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Re: Ornithoms, Parrots, and others
At 03:14 PM 11/12/98 EST, you wrote:
>In a message dated 11/12/98 8:44:18 AM EST, firstname.lastname@example.org writes:
><< A large radiation of
> small, tree-climbing non-avian coelurosaurs is fully compatible with the
> standard model. >>
>But it isn't compatible with the "ground up" cursorial scenario of the origin
[*bingbingbingbing*] The bells and whistles go off...
Yes, it isn't.
They are (now get this, everyone) TWO DIFFERENT THINGS.
There are a couple different arguments here, with both sides are guilty of
I) What is the phylogenetic position of _Archaeopteryx_ with regards to
Neornithes, other Mesozoic non-neornithine birds, and the various non-avian
II) How many times was flight gained in Mesozoic theropod history?
IIA) How many times was flight lost in Mesozoic theropod history?
III) From what behavior (trees down, ground up, trees up (Greg Paul's
model), etc.) did bird flight evolve? (Note, if the answer to II is >1,
then different models might apply to different origins).
Answers to any one question may illuminate the others, but they are
>In the "ground up" scenario, birds evolve flight as ground-dwelling
>animals by accumulating the anatomical features associated with flight for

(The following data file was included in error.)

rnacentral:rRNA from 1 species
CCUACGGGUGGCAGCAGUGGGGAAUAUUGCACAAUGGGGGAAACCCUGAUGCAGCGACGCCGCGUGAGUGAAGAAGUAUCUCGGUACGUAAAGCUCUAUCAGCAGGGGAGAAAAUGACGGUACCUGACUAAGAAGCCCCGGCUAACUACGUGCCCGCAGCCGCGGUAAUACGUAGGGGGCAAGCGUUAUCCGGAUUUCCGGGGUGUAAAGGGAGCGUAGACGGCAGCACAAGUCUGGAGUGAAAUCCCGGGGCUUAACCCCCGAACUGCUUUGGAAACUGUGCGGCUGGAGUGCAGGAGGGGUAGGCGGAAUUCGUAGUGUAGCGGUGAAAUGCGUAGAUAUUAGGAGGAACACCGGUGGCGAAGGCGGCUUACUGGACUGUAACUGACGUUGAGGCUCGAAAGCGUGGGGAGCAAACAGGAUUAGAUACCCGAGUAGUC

>non-flight reasons. They become arboreal only >after< flying makes trees
>accessible. If the standard model admits tree-climbing non-avian coelurians,
>then it is virtually indistinguishable from BCF, and I can get off my soapbox.
As the standard model does admit tree-climbing non-avian coelurosaurs, it
might be indistinguishable from your model, true.
However, there is another component (that which is argued by Greg Paul, and
more recently by John Jackson): that several of the known lineages of
(traditionally) non-avian theropods (dromaeosaurs, troodontids,
oviraptorosaurs, etc.) are secondarily flightless, rather than secondarily
arboreal. As framed by these workers, this concerns question I from the
above, and is independant of any particular answer to question III.
(That is that the hypothesis that dromaeosaurs and oviraptorosaurs are
_Archaeopteryx_ (or "archaeopterygian") descendants asks and answers
different questions than the question of bird flight origins, just as the
hypothesis that whales form the sister taxon to hippos is independant of the
question of the origin of ungulate feeding adaptations).
Thomas R. Holtz, Jr.
Vertebrate Paleontologist Webpage: http://www.geol.umd.edu
Dept. of Geology Email:email@example.com
University of Maryland Phone:301-405-4084
College Park, MD 20742 Fax: 301-314-9661